The idea of responsibility is deeply embedded into the “lifeworld” of human beings and not subject to change. However, the empirical circumstances in which we act and ascribe responsibility to one another are subject to change. Science and technology play a great part in this transformation process. Therefore, it is important for us to rethink the idea, the role and the normative standards behind responsibility in a world that is constantly being transformed under the influence of scientific and technological progress. (...)
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  31. Fiorella Battaglia, Nikil Mukerji & Julian Nida-Rümelin (2014). Science, Technology, and Responsibility. In Fiorella Battaglia, Nikil Mukerji & Julian Nida-Rümelin (eds.), Rethinking Responsibility in Science and Technology. Pisa University Press. 7-11.
    The empirical circumstances in which human beings ascribe responsibility to one another are subject to change. Science and technology play a great part in this transformation process. Therefore, it is important for us to rethink the idea, the role and the normative standards behind responsibility in a world that is constantly changing under the influence of scientific and technological progress. This volume is a contribution to that joint societal effort.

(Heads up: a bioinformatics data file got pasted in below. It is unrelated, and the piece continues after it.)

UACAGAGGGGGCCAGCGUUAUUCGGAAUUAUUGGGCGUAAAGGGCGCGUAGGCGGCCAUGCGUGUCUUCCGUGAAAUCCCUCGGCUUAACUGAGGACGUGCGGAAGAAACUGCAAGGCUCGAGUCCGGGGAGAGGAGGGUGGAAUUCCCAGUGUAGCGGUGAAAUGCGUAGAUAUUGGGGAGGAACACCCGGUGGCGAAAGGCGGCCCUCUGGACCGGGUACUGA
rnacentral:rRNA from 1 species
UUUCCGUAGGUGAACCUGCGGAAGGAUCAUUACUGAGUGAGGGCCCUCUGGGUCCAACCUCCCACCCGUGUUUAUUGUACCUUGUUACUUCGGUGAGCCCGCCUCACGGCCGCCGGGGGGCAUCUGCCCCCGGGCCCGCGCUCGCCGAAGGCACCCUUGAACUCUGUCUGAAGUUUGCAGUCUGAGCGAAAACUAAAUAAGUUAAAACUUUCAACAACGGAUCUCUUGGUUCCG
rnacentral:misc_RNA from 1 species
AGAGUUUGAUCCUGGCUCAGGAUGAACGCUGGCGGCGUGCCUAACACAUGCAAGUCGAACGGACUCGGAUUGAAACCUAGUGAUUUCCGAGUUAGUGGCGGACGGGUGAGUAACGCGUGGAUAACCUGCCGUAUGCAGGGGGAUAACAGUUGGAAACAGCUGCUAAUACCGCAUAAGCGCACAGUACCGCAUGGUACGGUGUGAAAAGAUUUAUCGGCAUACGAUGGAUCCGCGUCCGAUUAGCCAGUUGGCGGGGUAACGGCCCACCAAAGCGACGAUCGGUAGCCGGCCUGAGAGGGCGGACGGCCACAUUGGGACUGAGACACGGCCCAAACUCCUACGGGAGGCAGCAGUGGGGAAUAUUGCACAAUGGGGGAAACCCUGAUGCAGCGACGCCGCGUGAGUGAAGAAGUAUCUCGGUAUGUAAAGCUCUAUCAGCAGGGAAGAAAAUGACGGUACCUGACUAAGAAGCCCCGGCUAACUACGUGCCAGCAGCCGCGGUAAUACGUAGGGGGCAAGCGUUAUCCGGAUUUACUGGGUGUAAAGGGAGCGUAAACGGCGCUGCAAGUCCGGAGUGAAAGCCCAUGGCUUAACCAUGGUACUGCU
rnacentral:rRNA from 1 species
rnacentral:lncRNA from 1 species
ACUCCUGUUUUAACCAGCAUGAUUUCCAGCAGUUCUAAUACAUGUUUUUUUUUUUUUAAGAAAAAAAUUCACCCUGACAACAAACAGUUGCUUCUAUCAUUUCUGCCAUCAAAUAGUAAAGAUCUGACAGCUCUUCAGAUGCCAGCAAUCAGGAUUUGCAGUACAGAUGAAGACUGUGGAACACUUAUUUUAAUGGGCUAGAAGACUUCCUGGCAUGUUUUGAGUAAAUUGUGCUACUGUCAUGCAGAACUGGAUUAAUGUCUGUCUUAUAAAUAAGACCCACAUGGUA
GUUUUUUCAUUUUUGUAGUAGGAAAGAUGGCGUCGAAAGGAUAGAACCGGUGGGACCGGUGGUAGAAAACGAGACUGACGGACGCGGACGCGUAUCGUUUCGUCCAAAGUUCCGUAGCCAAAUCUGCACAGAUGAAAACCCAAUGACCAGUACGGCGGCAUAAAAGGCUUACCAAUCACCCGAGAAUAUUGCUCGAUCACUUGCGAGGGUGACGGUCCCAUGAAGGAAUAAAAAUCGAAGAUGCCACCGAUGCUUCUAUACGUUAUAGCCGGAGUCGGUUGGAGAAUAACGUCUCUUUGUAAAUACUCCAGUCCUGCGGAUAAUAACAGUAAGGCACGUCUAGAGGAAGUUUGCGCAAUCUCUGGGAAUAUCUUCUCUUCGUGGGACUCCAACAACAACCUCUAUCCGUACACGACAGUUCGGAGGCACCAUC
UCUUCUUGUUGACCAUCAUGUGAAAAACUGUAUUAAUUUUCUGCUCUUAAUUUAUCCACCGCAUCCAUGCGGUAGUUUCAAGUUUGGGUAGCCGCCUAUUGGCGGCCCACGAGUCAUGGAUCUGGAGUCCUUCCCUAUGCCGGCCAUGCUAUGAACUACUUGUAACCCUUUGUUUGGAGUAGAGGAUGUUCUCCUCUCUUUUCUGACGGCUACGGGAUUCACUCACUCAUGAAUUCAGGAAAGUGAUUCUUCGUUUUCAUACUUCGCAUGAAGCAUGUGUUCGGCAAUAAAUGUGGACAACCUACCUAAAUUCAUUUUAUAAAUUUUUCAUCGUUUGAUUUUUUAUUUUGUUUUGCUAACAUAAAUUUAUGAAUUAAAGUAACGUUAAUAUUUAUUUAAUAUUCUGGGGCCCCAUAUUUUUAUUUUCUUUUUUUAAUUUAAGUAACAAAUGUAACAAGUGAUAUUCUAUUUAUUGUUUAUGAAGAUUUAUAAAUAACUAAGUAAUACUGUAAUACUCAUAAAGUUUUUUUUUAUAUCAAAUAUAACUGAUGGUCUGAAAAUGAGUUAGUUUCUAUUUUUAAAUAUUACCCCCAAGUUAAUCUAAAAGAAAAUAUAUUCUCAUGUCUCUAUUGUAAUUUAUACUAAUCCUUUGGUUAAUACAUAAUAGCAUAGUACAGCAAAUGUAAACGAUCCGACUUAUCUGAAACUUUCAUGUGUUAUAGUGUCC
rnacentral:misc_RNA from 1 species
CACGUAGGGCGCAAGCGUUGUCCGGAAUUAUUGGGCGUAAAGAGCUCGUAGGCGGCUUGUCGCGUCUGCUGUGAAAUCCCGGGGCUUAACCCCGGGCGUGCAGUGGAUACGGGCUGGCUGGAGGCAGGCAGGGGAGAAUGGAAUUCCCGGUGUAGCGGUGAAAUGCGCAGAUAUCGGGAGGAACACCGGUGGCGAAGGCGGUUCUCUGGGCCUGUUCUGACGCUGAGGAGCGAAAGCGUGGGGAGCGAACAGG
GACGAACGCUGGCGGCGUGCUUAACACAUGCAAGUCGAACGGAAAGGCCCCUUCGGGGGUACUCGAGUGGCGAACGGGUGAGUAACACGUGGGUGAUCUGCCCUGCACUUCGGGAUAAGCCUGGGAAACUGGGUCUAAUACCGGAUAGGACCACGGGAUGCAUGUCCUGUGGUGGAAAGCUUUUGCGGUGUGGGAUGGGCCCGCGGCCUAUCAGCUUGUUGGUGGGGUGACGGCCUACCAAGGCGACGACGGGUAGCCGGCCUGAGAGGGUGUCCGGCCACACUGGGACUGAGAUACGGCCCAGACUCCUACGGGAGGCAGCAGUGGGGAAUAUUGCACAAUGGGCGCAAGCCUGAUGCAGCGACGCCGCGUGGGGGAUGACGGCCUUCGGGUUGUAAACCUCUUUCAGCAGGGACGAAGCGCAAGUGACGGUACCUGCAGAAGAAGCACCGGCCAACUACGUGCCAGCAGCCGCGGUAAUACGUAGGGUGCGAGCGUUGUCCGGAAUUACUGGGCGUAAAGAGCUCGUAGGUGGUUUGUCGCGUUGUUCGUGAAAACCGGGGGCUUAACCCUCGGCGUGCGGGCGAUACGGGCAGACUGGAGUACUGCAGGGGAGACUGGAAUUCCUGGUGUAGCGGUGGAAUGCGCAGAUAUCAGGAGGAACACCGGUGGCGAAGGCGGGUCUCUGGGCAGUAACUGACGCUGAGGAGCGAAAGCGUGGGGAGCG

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  32. Jonathan Beever & Andrew O. Brightman (forthcoming). Reflexive Principlism as an Effective Approach for Developing Ethical Reasoning in Engineering. Science and Engineering Ethics:1-17.
    An important goal of teaching ethics to engineering students is to enhance their ability to make well-reasoned ethical decisions in their engineering practice: a goal in line with the stated ethical codes of professional engineering organizations. While engineering educators have explored a wide range of methodologies for teaching ethics, a satisfying model for developing ethical reasoning skills has not been adopted broadly. In this paper we argue that a principlist-based approach to ethical reasoning is uniquely suited to engineering ethics education. (...)
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  33. V. Richard Benjamins & Dieter Fensel (1998). The Ontological Engineering Initiative (KA) 2. In Nicola Guarino (ed.), Formal Ontology in Information Systems. Ios Press.
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  34. Steven E. Benzley (2006). The Small Helm Project: An Academic Activity Addressing International Corruption for Undergraduate Civil Engineering and Construction Management Students. Science and Engineering Ethics 12 (2):355-363.
    This paper presents an academic project that addresses the issue of international corruption in the engineering and construction industry, in a manner that effectively incorporates several learning experiences. The major objectives of the project are to provide the students a learning activity that will 1) make a meaningful contribution within the disciplines being studied; 2) teach by experience a significant principle that can be valuable in numerous situations during an individual’s career, and 3) engage the minds, experiences, and enthusiasm of (...)
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  35. Marco Beretta (2009). Technology and Engineering. Annals of Science 66 (1):150-151.